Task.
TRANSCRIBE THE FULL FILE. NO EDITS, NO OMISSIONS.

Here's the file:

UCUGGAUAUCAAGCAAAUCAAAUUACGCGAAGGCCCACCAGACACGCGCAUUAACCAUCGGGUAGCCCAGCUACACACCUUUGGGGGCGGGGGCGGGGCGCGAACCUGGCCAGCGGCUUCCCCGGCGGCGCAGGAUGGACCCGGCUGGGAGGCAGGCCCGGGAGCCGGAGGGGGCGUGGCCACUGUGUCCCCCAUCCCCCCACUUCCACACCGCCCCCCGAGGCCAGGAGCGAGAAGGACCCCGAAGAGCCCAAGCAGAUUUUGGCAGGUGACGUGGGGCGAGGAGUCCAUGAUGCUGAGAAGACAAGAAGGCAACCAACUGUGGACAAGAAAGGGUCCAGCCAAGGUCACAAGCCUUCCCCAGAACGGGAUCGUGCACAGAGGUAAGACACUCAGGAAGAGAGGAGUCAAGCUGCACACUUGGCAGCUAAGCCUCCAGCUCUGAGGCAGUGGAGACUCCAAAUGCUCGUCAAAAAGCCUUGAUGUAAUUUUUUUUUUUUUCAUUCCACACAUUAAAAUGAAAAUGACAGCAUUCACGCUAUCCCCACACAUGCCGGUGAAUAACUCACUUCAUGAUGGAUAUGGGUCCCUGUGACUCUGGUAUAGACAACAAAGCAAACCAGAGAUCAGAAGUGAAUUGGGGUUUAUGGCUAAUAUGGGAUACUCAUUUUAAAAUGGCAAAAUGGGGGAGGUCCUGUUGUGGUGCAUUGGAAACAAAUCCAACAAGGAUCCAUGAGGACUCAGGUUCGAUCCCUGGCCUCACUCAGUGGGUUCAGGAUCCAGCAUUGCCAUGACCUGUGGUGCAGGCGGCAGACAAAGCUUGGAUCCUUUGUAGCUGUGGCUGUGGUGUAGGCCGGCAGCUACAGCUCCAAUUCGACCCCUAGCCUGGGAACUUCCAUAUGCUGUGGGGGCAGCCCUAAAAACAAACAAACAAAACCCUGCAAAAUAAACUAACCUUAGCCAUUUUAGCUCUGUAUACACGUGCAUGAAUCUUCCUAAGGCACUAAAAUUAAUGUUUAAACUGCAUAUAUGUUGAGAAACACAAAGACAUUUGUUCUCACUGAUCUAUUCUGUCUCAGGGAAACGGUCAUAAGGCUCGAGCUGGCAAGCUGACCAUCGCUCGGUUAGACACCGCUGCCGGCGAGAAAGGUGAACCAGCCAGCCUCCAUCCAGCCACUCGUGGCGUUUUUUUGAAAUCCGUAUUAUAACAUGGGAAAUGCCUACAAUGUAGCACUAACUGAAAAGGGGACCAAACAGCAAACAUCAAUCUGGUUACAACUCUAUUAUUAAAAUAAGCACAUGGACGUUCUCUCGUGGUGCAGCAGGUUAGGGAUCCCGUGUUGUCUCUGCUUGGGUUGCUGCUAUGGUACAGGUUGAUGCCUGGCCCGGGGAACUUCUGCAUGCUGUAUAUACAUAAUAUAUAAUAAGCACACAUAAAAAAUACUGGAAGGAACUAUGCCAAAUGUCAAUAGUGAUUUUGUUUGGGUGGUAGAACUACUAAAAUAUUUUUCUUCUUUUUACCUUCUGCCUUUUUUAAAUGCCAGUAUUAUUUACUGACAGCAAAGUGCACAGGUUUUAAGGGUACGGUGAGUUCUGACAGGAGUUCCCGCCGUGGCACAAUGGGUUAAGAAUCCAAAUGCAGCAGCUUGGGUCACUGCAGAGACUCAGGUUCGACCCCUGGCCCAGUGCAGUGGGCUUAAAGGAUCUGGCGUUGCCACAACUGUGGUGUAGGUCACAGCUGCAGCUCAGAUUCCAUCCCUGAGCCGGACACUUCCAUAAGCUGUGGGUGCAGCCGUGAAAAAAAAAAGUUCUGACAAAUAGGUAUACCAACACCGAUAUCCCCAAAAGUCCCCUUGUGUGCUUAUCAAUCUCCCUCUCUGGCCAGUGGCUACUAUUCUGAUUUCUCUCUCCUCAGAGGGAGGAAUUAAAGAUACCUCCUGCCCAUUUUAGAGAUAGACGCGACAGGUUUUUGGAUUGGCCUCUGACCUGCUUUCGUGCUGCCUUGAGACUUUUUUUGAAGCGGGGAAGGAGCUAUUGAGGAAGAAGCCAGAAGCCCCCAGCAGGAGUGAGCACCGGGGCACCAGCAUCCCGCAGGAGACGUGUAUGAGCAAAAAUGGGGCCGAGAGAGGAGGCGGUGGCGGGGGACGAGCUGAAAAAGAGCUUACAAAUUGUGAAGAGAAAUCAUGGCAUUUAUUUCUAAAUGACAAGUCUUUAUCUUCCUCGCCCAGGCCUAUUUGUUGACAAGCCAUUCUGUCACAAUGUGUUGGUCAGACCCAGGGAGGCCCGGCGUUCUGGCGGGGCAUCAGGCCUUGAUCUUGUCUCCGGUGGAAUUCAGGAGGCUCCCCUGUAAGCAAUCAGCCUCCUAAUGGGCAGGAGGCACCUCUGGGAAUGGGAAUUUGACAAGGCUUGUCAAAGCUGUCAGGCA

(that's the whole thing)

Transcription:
UCUGGAUAUCAAGCAAAUCAAAUUACGCGAAGGCCCACCAGACACGCGCAUUAACCAUCGGGUAGCCCAGCUACACACCUUUGGGGGCGGGGGCGGGGCGCGAACCUGGCCAGCGGCUUCCCCGGCGGCGCAGGAUGGACCCGGCUGGGAGGCAGGCCCGGGAGCCGGAGGGGGCGUGGCCACUGUGUCCCCCAUCCCCCCACUUCCACACCGCCCCCCGAGGCCAGGAGCGAGAAGGACCCCGAAGAGCCCAAGCAGAUUUUGGCAGGUGACGUGGGGCGAGGAGUCCAUGAUGCUGAGAAGACAAGAAGGCAACCAACUGUGGACAAGAAAGGGUCCAGCCAAGGUCACAAGCCUUCCCCAGAACGGGAUCGUGCACAGAGGUAAGACACUCAGGAAGAGAGGAGUCAAGCUGCACACUUGGCAGCUAAGCCUCCAGCUCUGAGGCAGUGGAGACUCCAAAUGCUCGUCAAAAAGCCUUGAUGUAAUUUUUUUUUUUUUCAUUCCACACAUUAAAAUGAAAAUGACAGCAUUCACGCUAUCCCCACACAUGCCGGUGAAUAACUCACUUCAUGAUGGAUAUGGGUCCCUGUGACUCUGGUAUAGACAACAAAGCAAACCAGAGAUCAGAAGUGAAUUGGGGUUUAUGGCUAAUAUGGGAUACUCAUUUUAAAAUGGCAAAAUGGGGGAGGUCCUGUUGUGGUGCAUUGGAAACAAAUCCAACAAGGAUCCAUGAGGACUCAGGUUCGAUCCCUGGCCUCACUCAGUGGGUUCAGGAUCCAGCAUUGCCAUGACCUGUGGUGCAGGCGGCAGACAAAGCUUGGAUCCUUUGUAGCUGUGGCUGUGGUGUAGGCCGGCAGCUACAGCUCCAAUUCGACCCCUAGCCUGGGAACUUCCAUAUGCUGUGGGGGCAGCCCUAAAAACAAACAAACAAAACCCUGCAAAAUAAACUAACCUUAGCCAUUUUAGCUCUGUAUACACGUGCAUGAAUCUUCCUAAGGCACUAAAAUUAAUGUUUAAACUGCAUAUAUGUUGAGAAACACAAAGACAUUUGUUCUCACUGAUCUAUUCUGUCUCAGGGAAACGGUCAUAAGGCUCGAGCUGGCAAGCUGACCAUCGCUCGGUUAGACACCGCUGCCGGCGAGAAAGGUGAACCAGCCAGCCUCCAUCCAGCCACUCGUGGCGUUUUUUUGAAAUCCGUAUUAUAACAUGGGAAAUGCCUACAAUGUAGCACUAACUGAAAAGGGGACCAAACAGCAAACAUCAAUCUGGUUACAACUCUAUUAUUAAAAUAAGCACAUGGACGUUCUCUCGUGGUGCAGCAGGUUAGGGAUCCCGUGUUGUCUCUGCUUGGGUUGCUGCUAUGGUACAGGUUGAUGCCUGGCCCGGGGAACUUCUGCAUGCUGUAUAUACAUAAUAUAUAAUAAGCACACAUAAAAAAUACUGGAAGGAACUAUGCCAAAUGUCAAUAGUGAUUUUGUUUGGGUGGUAGAACUACUAAAAUAUUUUUCUUCUUUUUACCUUCUGCCUUUUUUAAAUGCCAGUAUUAUUUACUGACAGCAAAGUGCACAGGUUUUAAGGGUACGGUGAGUUCUGACAGGAGUUCCCGCCGUGGCACAAUGGGUUAAGAAUCCAAAUGCAGCAGCUUGGGUCACUGCAGAGACUCAGGUUCGACCCCUGGCCCAGUGCAGUGGGCUUAAAGGAUCUGGCGUUGCCACAACUGUGGUGUAGGUCACAGCUGCAGCUCAGAUUCCAUCCCUGAGCCGGACACUUCCAUAAGCUGUGGGUGCAGCCGUGAAAAAAAAAAGUUCUGACAAAUAGGUAUACCAACACCGAUAUCCCCAAAAGUCCCCUUGUGUGCUUAUCAAUCUCCCUCUCUGGCCAGUGGCUACUAUUCUGAUUUCUCUCUCCUCAGAGGGAGGAAUUAAAGAUACCUCCUGCCCAUUUUAGAGAUAGACGCGACAGGUUUUUGGAUUGGCCUCUGACCUGCUUUCGUGCUGCCUUGAGACUUUUUUUGAAGCGGGGAAGGAGCUAUUGAGGAAGAAGCCAGAAGCCCCCAGCAGGAGUGAGCACCGGGGCACCAGCAUCCCGCAGGAGACGUGUAUGAGCAAAAAUGGGGCCGAGAGAGGAGGCGGUGGCGGGGGACGAGCUGAAAAAGAGCUUACAAAUUGUGAAGAGAAAUCAUGGCAUUUAUUUCUAAAUGACAAGUCUUUAUCUUCCUCGCCCAGGCCUAUUUGUUGACAAGCCAUUCUGUCACAAUGUGUUGGUCAGACCCAGGGAGGCCCGGCGUUCUGGCGGGGCAUCAGGCCUUGAUCUUGUCUCCGGUGGAAUUCAGGAGGCUCCCCUGUAAGCAAUCAGCCUCCUAAUGGGCAGGAGGCACCUCUGGGAAUGGGAAUUUGACAAGGCUUGUCAAAGCUGUCAGGCA